I remember saying to my therapist that I felt that my OCD was a pit that I couldn’t get out of. She challenged me to see it instead as something to learn from. I have learned so much. I have grown and matured. I have so much more empathy for those struggling with the pain of hidden mental anguish. I have a deeper love for and trust in the Lord. He gives me the strength for each moment and His love is my reason for being.
I also stopped believing that I had to be ‘cured’, that the thoughts had to stop, before I could be a good mum and spend time with my babies. I started to enjoy special moments and live my life with the thoughts still clanging in the background. I learned to accept that they will be there. I wasn’t just going to forget to think them! They weren’t going to stop just because I wanted them to. Ironically, the fact that I wanted them to stop so desperately is what made them stick harder.
It’s been nearly a year since my first core-shaking thought. Recovery wasn’t like a switch being pulled. It was and is a long process, with steps forwards and backwards. I slowly moved from the deepest blackness to a faint glow of light, and then I realised that I was getting better and I would be ok. I believe that this experience is shaping me into a stronger, more attentive and loving mother. I’m thankful for that.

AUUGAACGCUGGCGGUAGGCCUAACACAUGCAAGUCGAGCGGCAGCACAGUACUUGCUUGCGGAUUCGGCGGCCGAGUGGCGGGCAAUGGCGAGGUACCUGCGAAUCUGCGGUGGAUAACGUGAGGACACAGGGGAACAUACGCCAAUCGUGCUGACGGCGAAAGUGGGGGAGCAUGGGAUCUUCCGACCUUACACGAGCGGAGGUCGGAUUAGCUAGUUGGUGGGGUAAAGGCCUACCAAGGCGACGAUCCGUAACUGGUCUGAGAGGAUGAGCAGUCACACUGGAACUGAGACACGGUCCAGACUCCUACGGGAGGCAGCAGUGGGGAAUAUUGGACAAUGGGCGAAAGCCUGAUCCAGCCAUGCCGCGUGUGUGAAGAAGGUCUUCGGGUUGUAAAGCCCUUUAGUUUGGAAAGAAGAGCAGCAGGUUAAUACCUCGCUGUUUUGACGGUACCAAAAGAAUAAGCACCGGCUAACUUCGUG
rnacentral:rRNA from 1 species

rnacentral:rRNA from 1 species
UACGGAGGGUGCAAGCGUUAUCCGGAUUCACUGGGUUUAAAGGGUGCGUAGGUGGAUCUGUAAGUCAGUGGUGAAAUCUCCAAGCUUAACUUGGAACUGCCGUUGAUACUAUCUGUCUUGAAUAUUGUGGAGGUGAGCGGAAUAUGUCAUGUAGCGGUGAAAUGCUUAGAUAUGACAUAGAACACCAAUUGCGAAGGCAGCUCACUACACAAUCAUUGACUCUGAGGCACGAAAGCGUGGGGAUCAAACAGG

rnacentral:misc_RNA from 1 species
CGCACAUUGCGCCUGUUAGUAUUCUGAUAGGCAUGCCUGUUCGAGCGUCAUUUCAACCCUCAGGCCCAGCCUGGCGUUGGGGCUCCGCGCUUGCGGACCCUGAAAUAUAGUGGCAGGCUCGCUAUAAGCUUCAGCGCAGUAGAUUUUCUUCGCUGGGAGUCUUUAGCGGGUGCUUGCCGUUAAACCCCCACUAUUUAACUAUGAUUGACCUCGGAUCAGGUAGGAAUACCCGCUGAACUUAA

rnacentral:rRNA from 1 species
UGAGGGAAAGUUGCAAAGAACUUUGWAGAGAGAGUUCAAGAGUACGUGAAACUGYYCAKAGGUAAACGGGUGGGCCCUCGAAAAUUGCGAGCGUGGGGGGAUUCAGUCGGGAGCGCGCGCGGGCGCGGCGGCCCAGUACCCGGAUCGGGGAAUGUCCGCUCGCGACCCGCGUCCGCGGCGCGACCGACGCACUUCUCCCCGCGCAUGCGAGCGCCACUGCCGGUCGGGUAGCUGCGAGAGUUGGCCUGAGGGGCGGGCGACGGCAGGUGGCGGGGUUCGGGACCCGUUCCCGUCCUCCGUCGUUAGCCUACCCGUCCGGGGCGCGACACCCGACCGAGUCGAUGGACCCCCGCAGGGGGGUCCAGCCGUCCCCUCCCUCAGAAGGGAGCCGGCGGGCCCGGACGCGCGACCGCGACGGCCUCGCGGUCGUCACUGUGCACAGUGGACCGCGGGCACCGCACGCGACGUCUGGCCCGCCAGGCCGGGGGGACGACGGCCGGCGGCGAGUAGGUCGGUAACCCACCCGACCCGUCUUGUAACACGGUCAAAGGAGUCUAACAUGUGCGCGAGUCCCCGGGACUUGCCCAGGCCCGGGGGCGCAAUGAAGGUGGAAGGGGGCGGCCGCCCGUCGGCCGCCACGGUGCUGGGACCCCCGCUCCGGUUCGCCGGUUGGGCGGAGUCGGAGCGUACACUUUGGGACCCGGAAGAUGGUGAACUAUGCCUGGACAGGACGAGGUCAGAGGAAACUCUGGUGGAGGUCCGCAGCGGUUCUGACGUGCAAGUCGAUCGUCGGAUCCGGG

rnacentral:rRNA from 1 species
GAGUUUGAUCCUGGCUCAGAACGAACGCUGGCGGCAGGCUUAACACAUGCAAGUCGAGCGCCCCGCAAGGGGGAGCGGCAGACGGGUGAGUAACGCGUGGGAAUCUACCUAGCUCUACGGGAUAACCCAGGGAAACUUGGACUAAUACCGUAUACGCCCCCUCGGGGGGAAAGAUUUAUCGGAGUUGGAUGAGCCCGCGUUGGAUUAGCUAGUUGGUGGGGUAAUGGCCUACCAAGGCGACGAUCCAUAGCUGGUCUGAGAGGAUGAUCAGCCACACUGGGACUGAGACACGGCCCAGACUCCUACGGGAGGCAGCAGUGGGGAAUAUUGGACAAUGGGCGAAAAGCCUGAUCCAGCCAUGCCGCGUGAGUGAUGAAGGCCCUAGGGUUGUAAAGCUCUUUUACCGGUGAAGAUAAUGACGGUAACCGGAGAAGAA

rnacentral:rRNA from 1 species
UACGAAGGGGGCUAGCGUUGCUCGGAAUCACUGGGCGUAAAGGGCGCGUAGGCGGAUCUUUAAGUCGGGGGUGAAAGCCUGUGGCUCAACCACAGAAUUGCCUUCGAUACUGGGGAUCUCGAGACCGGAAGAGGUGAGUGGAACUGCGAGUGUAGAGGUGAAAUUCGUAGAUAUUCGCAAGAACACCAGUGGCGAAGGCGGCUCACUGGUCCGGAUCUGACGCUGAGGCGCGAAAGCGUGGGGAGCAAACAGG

I know that there is hope and light for other mums and dads walking this long, difficult road. Asking for help was an essential step towards recovery. I would suggest that you speak to your midwife, GP or Health Visitor if you’re struggling with distressing intrusive thoughts. It really isn’t easy admitting you’re ‘not ok’, but it will get the ball rolling with accessing help. Sharing with family and friends allows them to support and stand by you. In my experience, OCD doesn’t go away on its own. It just grows in secrecy and silence. Shining a spotlight on it disempowers it and allows you to live your life.
a] 2 Corinthians 1:3-4
b] Romans 8:28
c] Psalm 27:1